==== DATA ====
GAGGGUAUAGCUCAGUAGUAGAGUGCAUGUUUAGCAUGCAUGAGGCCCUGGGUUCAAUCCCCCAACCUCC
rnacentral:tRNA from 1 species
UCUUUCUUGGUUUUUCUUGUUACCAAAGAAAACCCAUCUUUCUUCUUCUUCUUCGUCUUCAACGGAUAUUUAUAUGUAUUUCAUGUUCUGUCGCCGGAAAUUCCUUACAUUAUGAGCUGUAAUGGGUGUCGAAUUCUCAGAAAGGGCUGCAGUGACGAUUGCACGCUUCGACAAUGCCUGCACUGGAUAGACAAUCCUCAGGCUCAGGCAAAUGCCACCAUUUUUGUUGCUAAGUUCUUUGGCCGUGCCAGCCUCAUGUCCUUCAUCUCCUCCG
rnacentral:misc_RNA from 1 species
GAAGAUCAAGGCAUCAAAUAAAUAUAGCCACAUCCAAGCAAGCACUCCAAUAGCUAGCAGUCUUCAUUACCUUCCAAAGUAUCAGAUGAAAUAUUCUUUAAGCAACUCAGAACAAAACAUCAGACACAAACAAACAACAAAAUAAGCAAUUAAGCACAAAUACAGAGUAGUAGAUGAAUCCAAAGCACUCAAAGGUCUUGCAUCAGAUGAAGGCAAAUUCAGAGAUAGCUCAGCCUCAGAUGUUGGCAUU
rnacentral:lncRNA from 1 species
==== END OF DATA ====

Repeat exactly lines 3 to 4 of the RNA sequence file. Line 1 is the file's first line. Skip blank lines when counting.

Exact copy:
UCUUUCUUGGUUUUUCUUGUUACCAAAGAAAACCCAUCUUUCUUCUUCUUCUUCGUCUUCAACGGAUAUUUAUAUGUAUUUCAUGUUCUGUCGCCGGAAAUUCCUUACAUUAUGAGCUGUAAUGGGUGUCGAAUUCUCAGAAAGGGCUGCAGUGACGAUUGCACGCUUCGACAAUGCCUGCACUGGAUAGACAAUCCUCAGGCUCAGGCAAAUGCCACCAUUUUUGUUGCUAAGUUCUUUGGCCGUGCCAGCCUCAUGUCCUUCAUCUCCUCCG
rnacentral:misc_RNA from 1 species